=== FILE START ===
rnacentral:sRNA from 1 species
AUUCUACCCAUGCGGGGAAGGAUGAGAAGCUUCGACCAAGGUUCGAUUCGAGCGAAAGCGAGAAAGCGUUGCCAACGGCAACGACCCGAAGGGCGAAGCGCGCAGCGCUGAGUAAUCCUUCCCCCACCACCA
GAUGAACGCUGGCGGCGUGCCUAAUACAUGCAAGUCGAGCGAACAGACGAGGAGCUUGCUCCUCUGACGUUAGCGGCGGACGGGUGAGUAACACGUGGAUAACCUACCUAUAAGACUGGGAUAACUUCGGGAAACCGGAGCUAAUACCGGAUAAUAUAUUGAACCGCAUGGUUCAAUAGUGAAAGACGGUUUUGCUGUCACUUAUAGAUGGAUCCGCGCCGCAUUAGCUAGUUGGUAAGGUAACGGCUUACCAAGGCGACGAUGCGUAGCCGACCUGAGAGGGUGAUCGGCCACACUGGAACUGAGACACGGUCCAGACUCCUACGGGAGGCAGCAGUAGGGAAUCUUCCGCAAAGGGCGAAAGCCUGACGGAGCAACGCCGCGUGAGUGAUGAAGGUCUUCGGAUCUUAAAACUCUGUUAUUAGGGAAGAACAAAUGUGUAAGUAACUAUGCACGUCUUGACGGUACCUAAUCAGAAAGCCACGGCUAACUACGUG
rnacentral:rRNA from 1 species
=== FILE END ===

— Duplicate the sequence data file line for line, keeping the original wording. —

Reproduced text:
rnacentral:sRNA from 1 species
AUUCUACCCAUGCGGGGAAGGAUGAGAAGCUUCGACCAAGGUUCGAUUCGAGCGAAAGCGAGAAAGCGUUGCCAACGGCAACGACCCGAAGGGCGAAGCGCGCAGCGCUGAGUAAUCCUUCCCCCACCACCA
GAUGAACGCUGGCGGCGUGCCUAAUACAUGCAAGUCGAGCGAACAGACGAGGAGCUUGCUCCUCUGACGUUAGCGGCGGACGGGUGAGUAACACGUGGAUAACCUACCUAUAAGACUGGGAUAACUUCGGGAAACCGGAGCUAAUACCGGAUAAUAUAUUGAACCGCAUGGUUCAAUAGUGAAAGACGGUUUUGCUGUCACUUAUAGAUGGAUCCGCGCCGCAUUAGCUAGUUGGUAAGGUAACGGCUUACCAAGGCGACGAUGCGUAGCCGACCUGAGAGGGUGAUCGGCCACACUGGAACUGAGACACGGUCCAGACUCCUACGGGAGGCAGCAGUAGGGAAUCUUCCGCAAAGGGCGAAAGCCUGACGGAGCAACGCCGCGUGAGUGAUGAAGGUCUUCGGAUCUUAAAACUCUGUUAUUAGGGAAGAACAAAUGUGUAAGUAACUAUGCACGUCUUGACGGUACCUAAUCAGAAAGCCACGGCUAACUACGUG
rnacentral:rRNA from 1 species